William III of England (c.1137 - 1159) was King of England (1154 - 1159), Count of Boulogne (1153 - 1159) and Earl of Surrey jure uxoris (1153 - 1159).

Early life

Little is known of William's early life until his marriage with Isabel de Warrenne, 4th Countess of Surrey in 1148, when he was probably only 11 years old. This union and many land grants from his father, primarily in East Anglia, made young William very rich indeed and fate contrived to make him king after the early death of his elder brother, Eustace, in 1153 and their father, Stephen of Blois, the next year.


When he succeeded to the throne he was approximately 17 years of age and was therefore under the regency of his cousin, Henry I of Champagne (later Henry II) for the next four years, as 21 was the age of majority in those days. During this time the state of the realm was parlous. Nineteen years of civil war had desolated and impoverished the land and his frankly idiotic father had given away most of the crown lands of England, reducing royal revenue and increasing the arbitrary power of the magnates. This situation was gradually improved during the regency, as Henry of Champagne revised the law codes with the help of William's uncle, Bishop Henry of Winchester. This, among other things, established the 'King's Peace' which was the first effective feudal judiciary after the Norman Conquest. Furthermore, in 1157, a Court was convened to settle property disputes fairly - though this was inevitably a rather crude system as charter could be forged and even when they were not, they could be mutually contradictory.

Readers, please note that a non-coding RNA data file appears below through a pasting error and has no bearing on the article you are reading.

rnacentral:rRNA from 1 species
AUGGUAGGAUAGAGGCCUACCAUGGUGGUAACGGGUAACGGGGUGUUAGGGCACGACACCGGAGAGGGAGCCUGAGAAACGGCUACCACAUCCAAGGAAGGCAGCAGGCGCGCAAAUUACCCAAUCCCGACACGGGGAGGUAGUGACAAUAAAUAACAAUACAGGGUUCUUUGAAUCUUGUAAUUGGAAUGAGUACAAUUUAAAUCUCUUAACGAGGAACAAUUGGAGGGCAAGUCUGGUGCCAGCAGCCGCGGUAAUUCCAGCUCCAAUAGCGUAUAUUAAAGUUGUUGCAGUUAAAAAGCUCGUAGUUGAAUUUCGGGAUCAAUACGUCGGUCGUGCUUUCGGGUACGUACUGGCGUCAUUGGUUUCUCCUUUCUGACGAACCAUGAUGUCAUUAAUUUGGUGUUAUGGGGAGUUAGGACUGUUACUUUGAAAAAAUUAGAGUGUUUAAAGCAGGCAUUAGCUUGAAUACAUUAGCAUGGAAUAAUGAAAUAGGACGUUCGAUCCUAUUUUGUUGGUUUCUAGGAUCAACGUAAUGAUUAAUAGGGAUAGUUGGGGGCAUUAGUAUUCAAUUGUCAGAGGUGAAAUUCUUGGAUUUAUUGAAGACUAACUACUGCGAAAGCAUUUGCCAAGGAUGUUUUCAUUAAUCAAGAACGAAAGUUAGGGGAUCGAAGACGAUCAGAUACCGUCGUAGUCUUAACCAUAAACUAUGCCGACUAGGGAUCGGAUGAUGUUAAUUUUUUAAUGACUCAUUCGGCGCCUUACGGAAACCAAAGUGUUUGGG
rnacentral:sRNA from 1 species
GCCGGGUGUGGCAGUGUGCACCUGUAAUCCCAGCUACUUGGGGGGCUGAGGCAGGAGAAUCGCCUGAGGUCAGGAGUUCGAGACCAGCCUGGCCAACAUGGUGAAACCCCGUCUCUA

Norman-Angevin War and Death

The greatest crisis of William's short reign came when, in 1158 (the year of his majority), Normandy was invaded by Geoffrey, Count of Anjou, a younger brother of Henry FitzEmpress, who had been murdered in 1152 while in pursuit of an unwilling wife. Count Geoffrey ravaged the land around Argentan for several months before an army of Anglo-Norman nobles could assemble, but the Battle of Falaise was a crushing victory for William, who was growing up to be an adequate king, though distressingly pious as a result of the influence of his ecclesiastical uncle. Unfortunately for the Church, William III died in 1159, at the age of 22.


William's barely expected death threw the fragile Anglo-Norman state into disarray. The main reason for having the House of Blois on the throne was that they could supply strong rulers as opposed to the women and children descended from Henry I. But William III acceding as a minor had shaken the chauvinistic nobles and now it looked like he would be succeeded by his sister Marie, who was a nun. With unseemly haste, therefore, Henry of Champagne seized the throne, basing his claim on his previous experience as Regent and being the son of an elder brother of Stephen, thus having a slightly better claim than the last pair of kings (though the brothers did have a still older brother who was probably mentally retarded). He was quickly enthroned.

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